In the way of these things, you mught also find this place referred to as Upalithein. The name refers to a monk, and the building dates from the mid 13th century. Actually it is not a temple as such but an ordination hall for monks. It was also used for monks to make confession. I must admit I thought confession was only a Christian idea.
When I visited, I was shown round by a wonderful old gentleman who was cleaning the place and spoke a degree of English.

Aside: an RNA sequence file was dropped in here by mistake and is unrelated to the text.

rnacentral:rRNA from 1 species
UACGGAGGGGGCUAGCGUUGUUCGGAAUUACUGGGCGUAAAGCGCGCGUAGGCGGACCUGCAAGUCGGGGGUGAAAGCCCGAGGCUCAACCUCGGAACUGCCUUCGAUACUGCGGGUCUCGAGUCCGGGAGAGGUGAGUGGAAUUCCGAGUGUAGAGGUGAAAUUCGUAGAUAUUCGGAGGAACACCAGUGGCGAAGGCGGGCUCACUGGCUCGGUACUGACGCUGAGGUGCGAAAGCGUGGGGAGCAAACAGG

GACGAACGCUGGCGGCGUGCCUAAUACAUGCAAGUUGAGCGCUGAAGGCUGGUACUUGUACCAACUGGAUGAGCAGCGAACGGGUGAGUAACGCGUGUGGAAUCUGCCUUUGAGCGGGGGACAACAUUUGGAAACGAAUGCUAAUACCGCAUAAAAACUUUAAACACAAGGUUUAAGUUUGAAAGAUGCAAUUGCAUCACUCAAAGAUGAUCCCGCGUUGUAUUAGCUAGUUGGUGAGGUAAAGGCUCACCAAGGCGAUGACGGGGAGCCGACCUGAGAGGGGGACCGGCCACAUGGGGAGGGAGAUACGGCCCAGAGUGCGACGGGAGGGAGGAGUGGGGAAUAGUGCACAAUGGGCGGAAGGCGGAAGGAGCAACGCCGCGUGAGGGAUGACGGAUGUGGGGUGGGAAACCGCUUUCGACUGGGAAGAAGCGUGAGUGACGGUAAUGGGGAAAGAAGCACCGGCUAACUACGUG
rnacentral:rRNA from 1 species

Althuugh not a particularly large building, it is home to some wonderful wall paintings from the 17th and 18th centuries. Unfortunately, there was a some destruction caused by an earthquake in 1975, and the place now has a rather unsightly but obviously necessary metal framework inside (donated by UNESCO) to stop further collapse. The roof of the building, although rendered in stone, is meant to represent a Burmese wooden roof style.
Due to the delicacy of the frescoes, no photography is alloed inside the building.
An ordination hall along the Bagan-Nyaung U road. Although i never went in, it was claimed to contain beautiful paintings on the wall.